Spurs notebook: Jazz’s Jefferson can’t see any team beating S.A.

SALT LAKE CITY — For three games in the Western Conference playoffs, Utah center Al Jefferson has seen his team beaten every which way, and by a combined 58 points.

Finally, he has seen enough.

Before Sunday’s practice, Jefferson essentially declared the Spurs to be NBA champions-in-waiting.

“I just think we’re playing against a team that is at its peak,” Jefferson said. “I don’t see nobody beating them.”

Jefferson’s comments were striking, considering Utah’s series with the Spurs is still in progress.

Game 4 is tonight in Utah.

Apprised of Jefferson’s prediction after their own practice session at EnergySolutions Arena, the Spurs seemed flattered, but deemed it premature.

“The best team out there won’t be decided for a while yet,” coach Gregg Popovich said. “We’ve got a lot of work to do if we want to be that team, and we’re trying.”

It is a one-game-at-a-time approach echoed by Popovich’s captain, Tim Duncan, even with the Spurs on the verge of sweeping a playoff series for the first time since the 2007 NBA Finals against the Cleveland Cavaliers.

Even with the Spurs going 41-7 since Jan. 30.

“We’re still growing a little bit,” Duncan said. “It’s early in the playoffs. We have some ways to go before we can define what kind of team we’re going to be.”

Jefferson thinks he knows the Spurs’ ceiling. Whether he’s correct will be determined over the next six weeks or so.

“Right now, they just playing well, man,” Jefferson said. “I ain’t never seen nothing like this.”

Checkmate for Parker: Jazz coach Tyrone Corbin made his first strategic move of the series in Game 3 when he assigned 6-foot-8 small forward Gordon Hayward to guard Tony Parker for long stretches.

The move might have backfired.

Not only did it fail to faze Parker — who finished with 27 points to raise his average in the series to 24.3 — it seemed to take Hayward out of his own game. Hayward ended with four points and made just 1 of 10 shots.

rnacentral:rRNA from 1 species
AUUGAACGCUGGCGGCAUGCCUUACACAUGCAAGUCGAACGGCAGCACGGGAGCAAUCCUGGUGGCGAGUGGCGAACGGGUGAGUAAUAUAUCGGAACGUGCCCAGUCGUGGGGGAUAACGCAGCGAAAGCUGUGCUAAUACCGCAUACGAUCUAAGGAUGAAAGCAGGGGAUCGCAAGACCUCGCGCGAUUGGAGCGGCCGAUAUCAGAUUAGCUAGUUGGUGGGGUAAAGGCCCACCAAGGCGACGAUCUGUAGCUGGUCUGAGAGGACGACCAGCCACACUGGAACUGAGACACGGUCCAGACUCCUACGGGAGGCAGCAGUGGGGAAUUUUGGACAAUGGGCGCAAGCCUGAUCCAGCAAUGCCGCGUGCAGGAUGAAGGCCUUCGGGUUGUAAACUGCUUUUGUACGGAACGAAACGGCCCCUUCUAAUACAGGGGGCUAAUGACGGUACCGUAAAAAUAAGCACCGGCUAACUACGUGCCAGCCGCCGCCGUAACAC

Parker, meanwhile, pumped in 16 points in the fourth quarter to put the game away.

“He’s kind of seen it all,” Duncan said. “I thought (Hayward) did a pretty good job early on, affecting him with his size a little bit, but Tony figured it out.”

Other ways to help: Manu Ginobili’s shooting struggles continued with a 2-for-6 night in Game 3. Yet he still found a way to contribute to the Spurs’ 102-90 victory with a season-high 10 assists.

“Whether it’s a rebound or scoring or assists, making a steal, he figures out what needs to be done in a game,” Popovich said. “Those 10 assists really helped us.”

Ginobili is still looking for his first made 3-pointer in eight tries in the series, and the 17 points he’s totaled have been surpassed by seven teammates.

As long as the Spurs’ offense is humming — and it’s averaging 107.3 points in the playoffs so far — Ginobili is content to be a setup man.

“The team is playing good offense,” he said. “Tony is taking us where we want to be. There’s no need to force the issue to try to make shots.”


Twitter: @JMcDonald_SAEN

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